The law

Taking Venus Flytraps used to be a misdemeanor. It could be settled by paying a small fine, between $10 and $50. But in 2014, New Hanover County Representative Ted Davis’ efforts to upgrade the crime were realized. After a couple failed attempts to get a flytrap felony into law, Senate Bill 734 passed. This made the crime a state-wide Class H felony.

“It used to have a very, very weak penalty,” Davis said.

To his knowledge, only one other incident resulted in felony taking charges.

Which I’m hoping means that the word got out that we have this law and we have this penalty,” Davis said.

In that 2015 case, according to the Associated Press, Scottie Gerome Stevenson and David Joel Lewis were caught stealing over 1,000 Venus Flytraps from Orton Plantation. Both were charged and convicted with only one felony count, compared with the 216 felony taking counts Williams was charged with on March. 16.

Stevenson, a habitual felon, is still in prison. He’s serving a six-year sentence, after being convicted of the felony taking, four consolidated misdemeanor counts of taking wild plants from land, and habitual impaired driving — only a maximum of one year of his setnence can be attributed to flytrap-related crimes.

Lewis was also convicted on one count of felony taking and four consolidated misdemeanor counts of taking wild plants from land, with a 36 month suspended probation. He’s currently marked as an absconder in the state’s Department of Public Safety offender system.

When Representative Davis was asked about the potential sentencing guidelines — 72 to 450 years –for the state’s recent felony taking case, he said several factors could mitigate Williams’ ultimate sentence.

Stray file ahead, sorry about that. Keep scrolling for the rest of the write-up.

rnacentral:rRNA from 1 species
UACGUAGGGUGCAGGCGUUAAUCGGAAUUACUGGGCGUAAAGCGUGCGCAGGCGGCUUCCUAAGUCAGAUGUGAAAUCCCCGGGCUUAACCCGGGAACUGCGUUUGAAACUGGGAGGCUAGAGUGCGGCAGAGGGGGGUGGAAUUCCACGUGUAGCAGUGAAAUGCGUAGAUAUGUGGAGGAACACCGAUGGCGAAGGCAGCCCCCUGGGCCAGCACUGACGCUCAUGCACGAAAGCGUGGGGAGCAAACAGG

“We have a sentencing commission you can run bills by,” Davis said. “They will look at it and see that that sentence is consistent with those that are [of a] like nature. Everyone up here was comfortable with that.”

Davis said the need to sharpen the law on flytrap poachers was born out of issues near Alderman Elementary School in Wilmington. With the help of the North Carolina Coastal Land Trust, the law now includes extra protection for the species, listed “vulnerable.” This classification is one step removed from being threatened, species that are federally protected under the Endangered Species Act.

“The difference, if you’ve got a development, a lot of times what a developer will do is to dig them up and put them elsewhere on the property,” Davis said. “These people are digging them up and selling them. I don’t know of any developers that dig up flytraps on their property and then try to sell them.”

Working to protect the plant

Protected Plant Permits, which allow the sale of properly propagated flytraps, are issued by the North Carolina Department of Agriculture & Consumer Services (NCDA&CS). Andrea Ashby, NCDA&CS’s director of public affairs, encourages private property owners to seek the department’s assistance in relocating the plant.

Because flytraps are a state-listed, rather than federally-listed species, Ashby said there’s no required development checklist including the species for private landowners.

“Where we would get involved with a private landowner is if they wanted to dig the plant up to sell, to share for research purposes or to relocate,” Ashby said.

The free permit would allow property owners to explore these venues, she said. “But, we are also happy to consult with a property owner about relocating state-listed plants if they contact us about that, advising on locations, habitat that best allows the plants to survive and thrive.”

The plants, which Ashby said have a “magical allure,” should be safe in public lands.

“The theory and thought behind [the law change] is when you take plants that are off the public lands, that’s robbing future generations from an opportunity to enjoy those,” she said. “The goal is to protect these unique plants where possible.”

Anyone with tips or information on potential poaching activity of Venus Flytraps, on either private or public lands, is encouraged to call the Wildlife Resources Commission hotline at 1-800-662-7137.

I’m grateful for any information I get,” WRC Officer White said.


Send tips and comments to Johanna Ferebee at johanna@localvoicemedia.com